DNA content analysis of colorectal cancer defines a distinct ‘microsatellite and chromosome stable’ group but does not predict response to radiotherapy
Fadhil, Wakkas and Kindle, Karin and Jackson, Darryl and Zaitoun, Abed M. and Lane, Nina and Robins, Adrian and Ilyas, Mohammad (2014) DNA content analysis of colorectal cancer defines a distinct ‘microsatellite and chromosome stable’ group but does not predict response to radiotherapy. International Journal of Experimental Pathology, 95 (1). pp. 16-23. ISSN 0959-9673
Colorectal cancers (CRC) are thought to have genetic instability in the form of either microsatellite instability (MSI) or chromosomal instability (CIN). Recently, tumours have been described without either MSI or CIN, that is, microsatellite and chromosome stable (MACS) CRCs. We investigated the (i) frequency of the MACS-CRCs and (ii) whether this genotype predicted responsiveness to neoadjuvant chemoradiotherapy. To examine the frequency of MACS-CRCs, DNA content (ploidy) was examined in 89 sporadic microsatellite-stable CRCs using flow cytometry. The tumours were also screened for mutations in KRAS/BRAF/TP53/PIK3CA by QMC-PCR. To examine the value of tumour ploidy in predicting response to chemoradiotherapy, DNA content was tested in a separate group of 62 rectal cancers treated with neoadjuvant chemoradiotherapy. Fifty-one of 89 CRCs (57%) were aneuploid and 38 (43%) were diploid. There was no significant association between mutations in TP53/KRAS/BRAF/PIK3CA and ploidy. Testing of association between mutations revealed only mutual exclusivity of KRAS/BRAF mutation (P < 0.001). Of the 62 rectal cancers treated with neoadjuvant chemoradiotherapy, 22 had responded (Mandard tumour regression grade 1/2) and 40 failed to respond (Grade 3–5). Twenty-five of 62 (40%) tumours were diploid, but there was no association between ploidy and response to therapy. We conclude that MACS-CRCs form a significant proportion of microsatellite-stable CRCs with a mutation profile overlapping that of CRCs with CIN. A diploid genotype does not, however, predict the responsiveness to radiotherapy.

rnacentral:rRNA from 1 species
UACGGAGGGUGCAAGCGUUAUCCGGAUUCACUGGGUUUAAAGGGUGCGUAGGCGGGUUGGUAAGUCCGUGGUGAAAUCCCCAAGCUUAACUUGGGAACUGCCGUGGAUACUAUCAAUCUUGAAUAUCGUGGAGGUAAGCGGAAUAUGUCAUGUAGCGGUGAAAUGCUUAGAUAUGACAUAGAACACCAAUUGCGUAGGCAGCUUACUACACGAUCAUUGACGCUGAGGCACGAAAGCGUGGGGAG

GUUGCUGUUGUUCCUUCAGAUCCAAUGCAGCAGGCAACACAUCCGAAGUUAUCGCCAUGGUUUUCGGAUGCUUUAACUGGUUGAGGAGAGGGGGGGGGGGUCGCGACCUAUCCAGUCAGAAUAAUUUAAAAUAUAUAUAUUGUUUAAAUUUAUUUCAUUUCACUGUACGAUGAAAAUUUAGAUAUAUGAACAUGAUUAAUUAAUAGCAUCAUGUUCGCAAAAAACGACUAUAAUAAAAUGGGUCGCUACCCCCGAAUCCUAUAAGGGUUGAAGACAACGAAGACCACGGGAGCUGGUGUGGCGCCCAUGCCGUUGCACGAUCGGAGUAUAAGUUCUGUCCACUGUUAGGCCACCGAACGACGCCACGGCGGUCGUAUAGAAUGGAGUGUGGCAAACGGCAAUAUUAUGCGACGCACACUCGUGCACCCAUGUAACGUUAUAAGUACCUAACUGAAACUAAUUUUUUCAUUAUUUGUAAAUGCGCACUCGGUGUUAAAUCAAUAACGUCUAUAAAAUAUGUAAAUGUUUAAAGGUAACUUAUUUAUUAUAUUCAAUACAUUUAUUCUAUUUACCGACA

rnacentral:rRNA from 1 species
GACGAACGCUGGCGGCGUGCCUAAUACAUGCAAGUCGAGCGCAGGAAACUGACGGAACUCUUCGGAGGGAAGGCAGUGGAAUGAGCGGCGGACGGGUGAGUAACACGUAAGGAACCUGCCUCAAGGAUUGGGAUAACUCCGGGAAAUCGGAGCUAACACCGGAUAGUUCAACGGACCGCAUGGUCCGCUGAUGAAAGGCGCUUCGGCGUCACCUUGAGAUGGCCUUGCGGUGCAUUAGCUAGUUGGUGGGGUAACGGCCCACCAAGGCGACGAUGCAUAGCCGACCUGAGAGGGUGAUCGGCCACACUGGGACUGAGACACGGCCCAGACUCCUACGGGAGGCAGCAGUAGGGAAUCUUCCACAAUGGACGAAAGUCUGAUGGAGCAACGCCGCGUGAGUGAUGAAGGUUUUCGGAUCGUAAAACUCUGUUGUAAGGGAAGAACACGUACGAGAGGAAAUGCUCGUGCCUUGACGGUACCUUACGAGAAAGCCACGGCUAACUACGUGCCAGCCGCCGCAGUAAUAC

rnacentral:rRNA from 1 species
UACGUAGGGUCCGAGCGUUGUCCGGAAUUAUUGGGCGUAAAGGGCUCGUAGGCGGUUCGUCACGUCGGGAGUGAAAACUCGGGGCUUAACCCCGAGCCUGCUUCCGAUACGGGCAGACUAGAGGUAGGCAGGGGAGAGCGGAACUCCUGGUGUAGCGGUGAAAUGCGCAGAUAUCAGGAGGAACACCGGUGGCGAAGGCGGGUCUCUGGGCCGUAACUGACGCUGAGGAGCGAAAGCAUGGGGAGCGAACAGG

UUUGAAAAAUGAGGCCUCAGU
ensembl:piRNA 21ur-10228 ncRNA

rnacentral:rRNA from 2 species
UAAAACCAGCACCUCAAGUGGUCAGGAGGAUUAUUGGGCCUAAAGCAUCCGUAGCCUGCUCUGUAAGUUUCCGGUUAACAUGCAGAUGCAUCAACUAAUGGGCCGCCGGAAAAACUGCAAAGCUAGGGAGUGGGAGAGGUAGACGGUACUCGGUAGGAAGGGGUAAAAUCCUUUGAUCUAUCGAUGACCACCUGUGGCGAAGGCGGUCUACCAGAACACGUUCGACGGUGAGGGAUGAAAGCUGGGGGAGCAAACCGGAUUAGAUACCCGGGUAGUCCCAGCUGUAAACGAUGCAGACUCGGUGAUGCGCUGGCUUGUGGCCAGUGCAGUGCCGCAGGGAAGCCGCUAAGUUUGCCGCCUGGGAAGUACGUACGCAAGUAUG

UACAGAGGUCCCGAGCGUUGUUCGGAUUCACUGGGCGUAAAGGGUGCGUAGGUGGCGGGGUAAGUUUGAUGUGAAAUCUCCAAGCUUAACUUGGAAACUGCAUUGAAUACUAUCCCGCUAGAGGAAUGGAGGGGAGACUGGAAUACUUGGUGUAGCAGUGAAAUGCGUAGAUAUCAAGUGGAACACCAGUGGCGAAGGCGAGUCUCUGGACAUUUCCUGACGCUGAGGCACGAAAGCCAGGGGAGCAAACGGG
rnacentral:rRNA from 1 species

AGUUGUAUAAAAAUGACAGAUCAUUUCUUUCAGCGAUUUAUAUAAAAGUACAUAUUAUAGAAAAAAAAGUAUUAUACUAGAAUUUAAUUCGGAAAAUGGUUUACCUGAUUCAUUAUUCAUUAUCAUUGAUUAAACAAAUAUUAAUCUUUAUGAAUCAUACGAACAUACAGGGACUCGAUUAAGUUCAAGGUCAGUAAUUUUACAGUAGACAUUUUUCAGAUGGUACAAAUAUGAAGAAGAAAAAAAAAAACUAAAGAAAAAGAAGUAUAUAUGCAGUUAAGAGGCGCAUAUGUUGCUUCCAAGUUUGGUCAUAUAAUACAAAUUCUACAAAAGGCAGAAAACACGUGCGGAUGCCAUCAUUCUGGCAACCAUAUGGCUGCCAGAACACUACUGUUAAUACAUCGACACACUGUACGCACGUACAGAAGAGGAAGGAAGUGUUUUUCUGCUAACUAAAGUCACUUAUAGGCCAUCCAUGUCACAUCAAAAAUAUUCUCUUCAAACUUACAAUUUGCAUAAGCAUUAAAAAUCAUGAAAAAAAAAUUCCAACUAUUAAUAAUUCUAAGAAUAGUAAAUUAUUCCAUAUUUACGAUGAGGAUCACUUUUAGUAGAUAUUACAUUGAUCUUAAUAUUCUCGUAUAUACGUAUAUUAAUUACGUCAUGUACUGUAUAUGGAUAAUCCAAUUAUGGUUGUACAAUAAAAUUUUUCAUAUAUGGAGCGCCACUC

Actions (Archive Staff Only)